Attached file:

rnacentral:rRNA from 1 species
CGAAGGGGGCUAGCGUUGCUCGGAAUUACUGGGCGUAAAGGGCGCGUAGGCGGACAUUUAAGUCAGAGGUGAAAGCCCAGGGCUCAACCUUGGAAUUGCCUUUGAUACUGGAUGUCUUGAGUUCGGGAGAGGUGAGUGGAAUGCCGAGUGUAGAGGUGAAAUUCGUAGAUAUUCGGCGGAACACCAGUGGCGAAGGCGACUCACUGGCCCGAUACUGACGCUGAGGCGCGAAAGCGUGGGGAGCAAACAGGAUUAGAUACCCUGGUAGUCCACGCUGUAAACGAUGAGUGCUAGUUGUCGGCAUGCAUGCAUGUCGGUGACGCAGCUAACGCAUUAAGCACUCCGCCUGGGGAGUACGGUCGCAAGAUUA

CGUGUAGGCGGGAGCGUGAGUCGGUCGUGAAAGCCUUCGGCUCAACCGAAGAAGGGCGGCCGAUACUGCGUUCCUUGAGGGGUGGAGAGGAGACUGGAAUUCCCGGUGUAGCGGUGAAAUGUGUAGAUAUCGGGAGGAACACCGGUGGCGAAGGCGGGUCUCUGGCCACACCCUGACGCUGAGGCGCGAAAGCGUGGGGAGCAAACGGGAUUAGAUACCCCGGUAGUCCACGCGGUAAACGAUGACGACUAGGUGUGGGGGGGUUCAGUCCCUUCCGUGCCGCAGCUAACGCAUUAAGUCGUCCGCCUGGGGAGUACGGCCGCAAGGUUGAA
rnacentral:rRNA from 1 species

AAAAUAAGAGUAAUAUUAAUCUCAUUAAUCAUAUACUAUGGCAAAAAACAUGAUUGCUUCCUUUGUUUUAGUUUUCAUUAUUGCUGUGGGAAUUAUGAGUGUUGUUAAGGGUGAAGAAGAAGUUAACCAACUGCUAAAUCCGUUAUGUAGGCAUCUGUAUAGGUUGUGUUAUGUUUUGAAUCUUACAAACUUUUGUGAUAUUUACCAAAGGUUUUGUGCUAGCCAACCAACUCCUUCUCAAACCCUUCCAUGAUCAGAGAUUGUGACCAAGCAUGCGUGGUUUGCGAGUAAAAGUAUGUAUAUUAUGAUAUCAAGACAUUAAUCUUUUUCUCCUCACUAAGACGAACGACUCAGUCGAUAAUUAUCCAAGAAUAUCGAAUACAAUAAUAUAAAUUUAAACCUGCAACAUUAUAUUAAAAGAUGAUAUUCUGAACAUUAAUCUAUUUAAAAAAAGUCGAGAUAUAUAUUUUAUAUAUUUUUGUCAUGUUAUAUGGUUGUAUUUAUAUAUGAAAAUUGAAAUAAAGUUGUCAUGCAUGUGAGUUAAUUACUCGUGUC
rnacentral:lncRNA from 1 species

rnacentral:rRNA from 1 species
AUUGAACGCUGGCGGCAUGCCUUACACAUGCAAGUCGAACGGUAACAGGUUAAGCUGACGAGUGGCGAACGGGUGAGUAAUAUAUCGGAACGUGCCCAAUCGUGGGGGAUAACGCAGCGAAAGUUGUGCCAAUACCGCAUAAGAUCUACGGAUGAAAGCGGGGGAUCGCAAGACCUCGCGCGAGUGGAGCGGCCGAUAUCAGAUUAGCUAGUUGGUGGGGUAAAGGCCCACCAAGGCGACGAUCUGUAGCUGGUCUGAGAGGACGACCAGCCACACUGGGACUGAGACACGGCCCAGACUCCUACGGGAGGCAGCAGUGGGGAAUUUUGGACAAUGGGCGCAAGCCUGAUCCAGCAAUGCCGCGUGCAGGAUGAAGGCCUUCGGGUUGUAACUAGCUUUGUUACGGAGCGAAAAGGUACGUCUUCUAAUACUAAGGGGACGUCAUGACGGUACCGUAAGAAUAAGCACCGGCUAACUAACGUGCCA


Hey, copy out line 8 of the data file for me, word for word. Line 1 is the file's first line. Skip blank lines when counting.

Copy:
AUUGAACGCUGGCGGCAUGCCUUACACAUGCAAGUCGAACGGUAACAGGUUAAGCUGACGAGUGGCGAACGGGUGAGUAAUAUAUCGGAACGUGCCCAAUCGUGGGGGAUAACGCAGCGAAAGUUGUGCCAAUACCGCAUAAGAUCUACGGAUGAAAGCGGGGGAUCGCAAGACCUCGCGCGAGUGGAGCGGCCGAUAUCAGAUUAGCUAGUUGGUGGGGUAAAGGCCCACCAAGGCGACGAUCUGUAGCUGGUCUGAGAGGACGACCAGCCACACUGGGACUGAGACACGGCCCAGACUCCUACGGGAGGCAGCAGUGGGGAAUUUUGGACAAUGGGCGCAAGCCUGAUCCAGCAAUGCCGCGUGCAGGAUGAAGGCCUUCGGGUUGUAACUAGCUUUGUUACGGAGCGAAAAGGUACGUCUUCUAAUACUAAGGGGACGUCAUGACGGUACCGUAAGAAUAAGCACCGGCUAACUAACGUGCCA